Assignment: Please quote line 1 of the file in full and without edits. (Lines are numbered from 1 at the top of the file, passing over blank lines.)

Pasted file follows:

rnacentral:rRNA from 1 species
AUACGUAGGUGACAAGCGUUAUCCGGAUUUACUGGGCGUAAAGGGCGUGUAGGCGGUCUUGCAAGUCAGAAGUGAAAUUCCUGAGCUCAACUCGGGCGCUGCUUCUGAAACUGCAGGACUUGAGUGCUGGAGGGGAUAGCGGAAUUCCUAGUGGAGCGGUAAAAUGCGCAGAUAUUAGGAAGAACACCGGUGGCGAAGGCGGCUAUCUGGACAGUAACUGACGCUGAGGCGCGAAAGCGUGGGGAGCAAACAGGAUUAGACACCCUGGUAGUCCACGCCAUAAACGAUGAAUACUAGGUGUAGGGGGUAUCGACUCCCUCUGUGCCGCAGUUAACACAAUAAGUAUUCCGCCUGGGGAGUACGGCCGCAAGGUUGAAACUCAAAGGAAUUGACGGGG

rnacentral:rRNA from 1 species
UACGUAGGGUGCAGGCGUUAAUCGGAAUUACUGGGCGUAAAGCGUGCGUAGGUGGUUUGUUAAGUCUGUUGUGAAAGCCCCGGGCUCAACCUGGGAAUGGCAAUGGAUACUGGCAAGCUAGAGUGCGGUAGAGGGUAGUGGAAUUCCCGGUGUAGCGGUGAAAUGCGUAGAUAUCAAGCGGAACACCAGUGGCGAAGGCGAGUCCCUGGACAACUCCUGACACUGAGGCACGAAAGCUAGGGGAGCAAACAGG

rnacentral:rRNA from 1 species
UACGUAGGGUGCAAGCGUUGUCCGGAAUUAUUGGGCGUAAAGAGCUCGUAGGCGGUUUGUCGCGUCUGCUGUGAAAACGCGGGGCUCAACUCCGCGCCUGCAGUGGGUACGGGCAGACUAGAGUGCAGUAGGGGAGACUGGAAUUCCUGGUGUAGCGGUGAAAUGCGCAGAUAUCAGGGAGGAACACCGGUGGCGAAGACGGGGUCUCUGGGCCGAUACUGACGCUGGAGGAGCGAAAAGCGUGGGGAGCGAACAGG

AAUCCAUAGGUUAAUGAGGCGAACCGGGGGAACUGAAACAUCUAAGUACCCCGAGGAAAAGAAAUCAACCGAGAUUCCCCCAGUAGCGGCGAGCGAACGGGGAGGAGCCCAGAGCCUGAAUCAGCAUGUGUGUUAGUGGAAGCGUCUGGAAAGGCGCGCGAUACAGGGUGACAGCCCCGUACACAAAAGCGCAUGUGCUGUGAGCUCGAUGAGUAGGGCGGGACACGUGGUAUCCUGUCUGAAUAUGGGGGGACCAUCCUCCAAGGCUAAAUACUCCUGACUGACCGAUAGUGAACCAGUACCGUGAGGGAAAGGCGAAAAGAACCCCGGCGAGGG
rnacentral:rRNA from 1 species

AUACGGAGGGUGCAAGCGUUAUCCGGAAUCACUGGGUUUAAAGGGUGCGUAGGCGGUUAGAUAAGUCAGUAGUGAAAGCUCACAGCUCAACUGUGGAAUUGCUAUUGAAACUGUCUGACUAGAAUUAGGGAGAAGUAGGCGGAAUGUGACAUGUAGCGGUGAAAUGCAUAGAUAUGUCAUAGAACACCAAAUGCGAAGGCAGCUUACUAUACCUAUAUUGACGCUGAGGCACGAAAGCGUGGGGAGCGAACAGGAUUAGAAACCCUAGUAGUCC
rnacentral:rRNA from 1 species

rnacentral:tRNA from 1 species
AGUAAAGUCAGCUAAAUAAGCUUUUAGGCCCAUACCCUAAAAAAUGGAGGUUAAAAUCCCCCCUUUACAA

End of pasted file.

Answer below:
rnacentral:rRNA from 1 species